meteorite hit on Sept. 4, 1990.  Note the point of impact: the lower right hand
side of the porch.  Tim McCoy, Smithsonian Museum of Natural History.           

Burnwell, Ken. Sept. 4, 1990. 3:45 p.m. EDT:  Frances Pegg was carrying groceries into the kitchen of her Burnwell home along the Kentucky side of the Tug Fork River. Arthur Pegg was working nearby when a sound like the chopping of a helicopter ripped toward the house, changing pitch as it approached. A bright object blazed from the south-southwest. It was a meteorite, and it struck the old house, passing through the roof, ceiling and porch floor. The impact sounded like a gunshot and threw splintered wood as far as 20 feet. Arthur Pegg originally thought that a wrench or a part from a passing plane had penetrated the house, and the next day he removed every object from an enclosed area under the front porch. Amidst glass from an old aquarium and destroyed cans of paint and lacquer, he found the meteorite. Scratches and some lacquer still cover the rock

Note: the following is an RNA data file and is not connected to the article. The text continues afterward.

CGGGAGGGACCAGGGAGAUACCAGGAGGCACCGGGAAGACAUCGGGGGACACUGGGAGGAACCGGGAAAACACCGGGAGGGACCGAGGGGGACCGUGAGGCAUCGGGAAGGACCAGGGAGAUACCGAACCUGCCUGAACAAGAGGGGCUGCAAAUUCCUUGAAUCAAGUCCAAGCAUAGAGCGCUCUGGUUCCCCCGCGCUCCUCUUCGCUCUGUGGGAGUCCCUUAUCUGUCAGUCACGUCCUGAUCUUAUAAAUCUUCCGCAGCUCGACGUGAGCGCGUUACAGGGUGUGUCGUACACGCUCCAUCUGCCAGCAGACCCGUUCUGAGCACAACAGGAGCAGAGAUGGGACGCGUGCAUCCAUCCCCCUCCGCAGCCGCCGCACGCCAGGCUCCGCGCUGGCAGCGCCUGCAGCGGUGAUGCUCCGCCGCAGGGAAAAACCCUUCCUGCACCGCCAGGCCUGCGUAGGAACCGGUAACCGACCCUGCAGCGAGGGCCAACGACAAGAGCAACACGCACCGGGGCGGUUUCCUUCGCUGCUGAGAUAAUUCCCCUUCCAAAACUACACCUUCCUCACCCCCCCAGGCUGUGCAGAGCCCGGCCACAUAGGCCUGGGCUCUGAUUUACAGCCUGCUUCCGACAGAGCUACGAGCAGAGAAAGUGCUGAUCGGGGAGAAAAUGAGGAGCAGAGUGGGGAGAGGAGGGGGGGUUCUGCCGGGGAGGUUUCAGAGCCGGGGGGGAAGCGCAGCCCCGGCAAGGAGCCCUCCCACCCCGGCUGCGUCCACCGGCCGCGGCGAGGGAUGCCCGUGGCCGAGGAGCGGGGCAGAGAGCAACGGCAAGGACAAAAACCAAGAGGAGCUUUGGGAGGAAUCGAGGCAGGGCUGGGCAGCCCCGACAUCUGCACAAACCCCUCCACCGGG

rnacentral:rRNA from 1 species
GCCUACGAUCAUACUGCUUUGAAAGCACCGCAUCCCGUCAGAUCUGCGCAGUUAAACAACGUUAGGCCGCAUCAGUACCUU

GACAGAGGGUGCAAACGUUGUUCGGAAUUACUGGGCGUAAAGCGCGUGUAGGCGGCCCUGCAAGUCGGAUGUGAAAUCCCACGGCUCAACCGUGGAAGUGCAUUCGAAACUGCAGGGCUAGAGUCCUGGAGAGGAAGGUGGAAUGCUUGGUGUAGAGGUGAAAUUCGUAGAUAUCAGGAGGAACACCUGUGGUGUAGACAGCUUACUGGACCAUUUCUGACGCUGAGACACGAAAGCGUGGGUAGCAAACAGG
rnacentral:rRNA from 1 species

For seven years, the meteorite remained a protected conversation piece in the Pegg home, and the Peggs appeared on television and were quoted in the Daily News of Williamson, W.V., about their famous meteorite. In January 1997, the Peggs called the Smithsonian, offering to sell the meteorite. At first, the Smithsonian curators were skeptical, as they must be about the many calls they receive; but the Peggs’ call was not a false alarm. A week later, I found the package in my mailbox: it contained small pieces of the suspected meteorite, along with photographs and a newspaper clipping. We could see that the pieces were definitely part of the real thing. I set out for Kentucky to acquire the Burnwell meteorite, which became part of the national meteorite collection in January 1997. It has proven to be a unique scientific specimen in the study of asteroids.